US troops in the Afghan village of Kowall. (Reuters/Bob Strong)
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For well over a decade now the United States has been “a nation at war.” Does that war have a name?
It did at the outset. After 9/11, George W. Bush’s administration wasted no time in announcing that the United States was engaged in a Global War on Terrorism, or GWOT. With few dissenters, the media quickly embraced the term. The GWOT promised to be a gargantuan, transformative enterprise. The conflict begun on 9/11 would define the age. In neoconservative circles, it was known as World War IV.
Upon succeeding to the presidency in 2009, however, Barack Obama without fanfare junked Bush’s formulation (as he did again in a speech at the National Defense University last week). Yet if the appellation went away, the conflict itself, shorn of identifying marks, continued.
Does it matter that ours has become and remains a nameless war? Very much so.
Names bestow meaning. When it comes to war, a name attached to a date can shape our understanding of what the conflict was all about. To specify when a war began and when it ended is to privilege certain explanations of its significance while discrediting others. Let me provide a few illustrations.
With rare exceptions, Americans today characterize the horrendous fraternal bloodletting of 1861–65 as the Civil War. Yet not many decades ago, diehard supporters of the Lost Cause insisted on referring to that conflict as the War Between the States or the War for Southern Independence (or even the War of Northern Aggression). The South may have gone down in defeat, but the purposes for which Southerners had fought—preserving a distinctive way of life and the principle of states’ rights—had been worthy, even noble. So at least they professed to believe, with their preferred names for the war reflecting that belief.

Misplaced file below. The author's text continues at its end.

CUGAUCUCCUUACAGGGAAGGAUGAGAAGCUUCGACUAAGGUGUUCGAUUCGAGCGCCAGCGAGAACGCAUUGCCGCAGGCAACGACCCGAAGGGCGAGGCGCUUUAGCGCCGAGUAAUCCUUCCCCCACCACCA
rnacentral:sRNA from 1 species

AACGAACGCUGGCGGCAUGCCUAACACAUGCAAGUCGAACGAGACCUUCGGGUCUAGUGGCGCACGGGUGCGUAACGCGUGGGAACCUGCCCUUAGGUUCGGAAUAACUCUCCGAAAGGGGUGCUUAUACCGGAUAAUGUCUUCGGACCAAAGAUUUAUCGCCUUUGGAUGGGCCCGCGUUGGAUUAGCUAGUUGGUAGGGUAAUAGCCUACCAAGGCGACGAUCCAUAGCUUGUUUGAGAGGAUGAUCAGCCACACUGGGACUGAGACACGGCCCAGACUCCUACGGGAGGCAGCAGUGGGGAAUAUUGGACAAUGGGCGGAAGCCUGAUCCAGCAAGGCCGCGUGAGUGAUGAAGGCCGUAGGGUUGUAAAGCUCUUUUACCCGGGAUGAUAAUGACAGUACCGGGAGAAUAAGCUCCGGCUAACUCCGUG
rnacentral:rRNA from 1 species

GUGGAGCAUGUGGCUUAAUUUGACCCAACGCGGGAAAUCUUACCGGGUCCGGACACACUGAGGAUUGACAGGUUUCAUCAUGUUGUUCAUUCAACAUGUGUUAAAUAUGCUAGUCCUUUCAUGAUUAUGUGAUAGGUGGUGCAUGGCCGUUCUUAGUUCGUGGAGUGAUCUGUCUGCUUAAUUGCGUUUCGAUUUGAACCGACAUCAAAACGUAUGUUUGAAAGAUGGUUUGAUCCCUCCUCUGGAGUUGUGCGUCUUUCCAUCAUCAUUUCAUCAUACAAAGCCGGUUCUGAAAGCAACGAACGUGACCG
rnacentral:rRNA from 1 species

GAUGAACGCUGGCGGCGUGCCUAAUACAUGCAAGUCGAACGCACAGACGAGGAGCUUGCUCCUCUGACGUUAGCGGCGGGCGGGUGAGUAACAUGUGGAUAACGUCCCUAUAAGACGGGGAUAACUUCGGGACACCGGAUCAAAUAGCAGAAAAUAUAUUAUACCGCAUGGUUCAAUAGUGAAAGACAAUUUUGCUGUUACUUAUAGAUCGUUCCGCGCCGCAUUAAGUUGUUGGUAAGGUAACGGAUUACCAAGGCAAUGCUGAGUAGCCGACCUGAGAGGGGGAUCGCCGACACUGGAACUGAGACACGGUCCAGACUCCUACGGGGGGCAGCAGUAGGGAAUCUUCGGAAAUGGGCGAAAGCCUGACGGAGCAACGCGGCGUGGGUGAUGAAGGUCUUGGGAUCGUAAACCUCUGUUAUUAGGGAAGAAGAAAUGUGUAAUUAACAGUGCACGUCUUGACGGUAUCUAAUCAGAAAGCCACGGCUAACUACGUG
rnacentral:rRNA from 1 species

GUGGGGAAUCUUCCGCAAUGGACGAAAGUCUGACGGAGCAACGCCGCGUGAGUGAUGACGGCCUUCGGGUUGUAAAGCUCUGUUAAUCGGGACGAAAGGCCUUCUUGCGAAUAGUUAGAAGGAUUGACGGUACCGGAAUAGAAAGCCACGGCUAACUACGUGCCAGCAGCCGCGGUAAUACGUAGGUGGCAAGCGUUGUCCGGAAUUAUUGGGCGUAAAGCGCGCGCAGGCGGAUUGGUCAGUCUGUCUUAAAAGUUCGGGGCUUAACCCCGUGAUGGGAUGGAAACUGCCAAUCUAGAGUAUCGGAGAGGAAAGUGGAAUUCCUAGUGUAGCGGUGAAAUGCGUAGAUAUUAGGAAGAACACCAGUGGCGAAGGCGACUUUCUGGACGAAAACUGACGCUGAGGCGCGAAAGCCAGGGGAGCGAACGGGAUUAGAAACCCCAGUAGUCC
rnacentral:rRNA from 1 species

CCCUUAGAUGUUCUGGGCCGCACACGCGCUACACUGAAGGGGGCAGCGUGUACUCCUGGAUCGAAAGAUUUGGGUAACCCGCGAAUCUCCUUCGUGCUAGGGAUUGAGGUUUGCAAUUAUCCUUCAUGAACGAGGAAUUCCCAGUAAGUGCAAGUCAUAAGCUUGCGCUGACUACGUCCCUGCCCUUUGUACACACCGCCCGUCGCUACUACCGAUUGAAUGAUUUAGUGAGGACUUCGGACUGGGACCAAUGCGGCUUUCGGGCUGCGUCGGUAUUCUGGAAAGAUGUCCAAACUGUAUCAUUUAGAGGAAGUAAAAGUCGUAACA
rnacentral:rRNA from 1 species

Schoolbooks tell us that the Spanish-American War began in April 1898 and ended in August of that same year. The name and dates fit nicely with a widespread inclination from President William McKinley’s day to our own to frame US intervention in Cuba as an altruistic effort to liberate that island from Spanish oppression.
Yet the Cubans were not exactly bystanders in that drama. By 1898, they had been fighting for years to oust their colonial overlords. And although hostilities in Cuba itself ended on August 12, they dragged on in the Philippines, another Spanish colony that the United States had seized for reasons only remotely related to liberating Cubans. Notably, US troops occupying the Philippines waged a brutal war not against Spaniards but against Filipino nationalists no more inclined to accept colonial rule by Washington than by Madrid. So widen the aperture to include this Cuban prelude and the Filipino postlude and you end up with something like this: The Spanish-American-Cuban-Philippines War of 1895–1902. Too clunky? How about the War for the American Empire? This much is for sure: rather than illuminating, the commonplace textbook descriptor serves chiefly to conceal.
Strange as it may seem, Europeans once referred to the calamitous events of 1914–18 as the Great War. When Woodrow Wilson decided in 1917 to send an army of doughboys to fight alongside the Allies, he went beyond Great. According to the president, the Great War was going to be the War To End All Wars. Alas, things did not pan out as he expected. Perhaps anticipating the demise of his vision of permanent peace, War Department General Order 115, issued on October 7, 1919, formally declared that, at least as far as the United States was concerned, the recently concluded hostilities would be known simply as the World War.